Moms will come back there! If there’s bickering or in-fighting on your PR team, moms will not tolerate it. They’ll work diplomatically with you to solve the issue and strive to foster an atmosphere of convivial collaboration. They are the originators of the “family meeting,” after all.

Moms will turn this car around. If something isn’t working, moms won’t hesitate to put a new plan into action. Their keen sense of observation and “bullshit detectors” mean a sound, no-nonsense approach to solving any account concerns.

Moms aren’t “made of money”. Therefore, they will be great stewards of yours! Many moms are the “CFOs” of the household, used to budgeting and smart fiduciary planning.

Moms really do want the best for you. Most moms (and any parents) are rather selfless creatures. This ethos finds its way into work relationships as well.  A mom on your account means you and your business will be well-cared for, even nurtured.

But they will fight for their own.  Like the classic mother lion defending her brood, most moms are instinctively and often fiercely protective. You never want to cross a mom, after all!

Give The Gift Of Good PR To These Women On Mother’s Day

I was all set to wax rhapsodically about some moms who had earned terrific PR for deeds well done this year. Then the Tanning Mom appeared, followed by the Stripper Hot Dog Mom and in an entirely different category, Linda “I don’t get out of bed for less than $10,000” Evangelista and her outrageous child support demands!

So instead, I offer up some free PR advice for these and other “moms behaving badly.” There may not be redemption in the court of public opinion but at least their kids may still have fond feelings for them. Now, heed these words!

For the “Tanning Mom”

Stop tanning immediately.

Come clean about what really happened with your young daughter at the salon and if there really was “fire where there was smoke,” apologize!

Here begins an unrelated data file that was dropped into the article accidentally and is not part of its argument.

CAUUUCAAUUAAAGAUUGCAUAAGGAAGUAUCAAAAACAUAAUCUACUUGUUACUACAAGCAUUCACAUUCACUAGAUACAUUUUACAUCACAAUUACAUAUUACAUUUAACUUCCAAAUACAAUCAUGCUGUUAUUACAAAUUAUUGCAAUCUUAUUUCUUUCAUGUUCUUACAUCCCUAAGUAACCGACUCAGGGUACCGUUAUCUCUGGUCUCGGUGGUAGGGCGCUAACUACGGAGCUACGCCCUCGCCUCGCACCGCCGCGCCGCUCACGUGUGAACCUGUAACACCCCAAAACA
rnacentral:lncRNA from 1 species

Have fun with the critiques such as SNL and the terrific Kristen Wiig impersonation.

Milk your 15 minutes in a smart way. Get involved with the Skin Cancer Foundation and speak out about the safety concerns associated with tanning; conversely, you could explore a spokesperson gig for a self-tanner or bronzer brand!

For the “Stripper Hot Dog Mom”

Stop offering sexy additions to your menu.

Put on some real clothes.

But not right away…this may be an instance of “any publicity is good publicity.” Curiosity-seekers ought to drive business through the roof!

Stick to cooking.

For Linda Evangelista

Try to wear less than $5,000 of luxury accessories for your day in court. You know, look needier!

Put some of that cash to good use and start a foundation for children of single supermodels or, in a more serious vein, children of disadvantaged single-parent homes.

Get ready for more critiques and arm yourself with “key messages” that don’t make you look so greedy.

Take the high road and only speak kindly of your child’s father; you want this out of the news cycle as quickly as possible.

Any other words of wisdom you’d like to share with these moms or any other moms?

@#$% Our Mothers Say

It’s been a big week for world news, and as we slow down to celebrate Mother’s Day I have collected some “mom-isms.” At first glance, the wisdom may seem dated and quaint, but some aphorisms are worth a second look.

So, before you decide whether you’re going to see the latest Kate Hudson movie or debate the week’s Idol castoff, pause and reflect on some sage advice from the original expert – mom.

“You be the good one.” My mother preaches this philosophy when one feels blamed or wronged. When this happens, try to be the sane, rational party. While I applied it to high school relationships, there is a business context.  A client/media contact/co-worker/boss has flown off the handle over a seemingly innocuous offense. Do not embrace the crazy with them! Take a deep breath, sleep on your response and be the better person.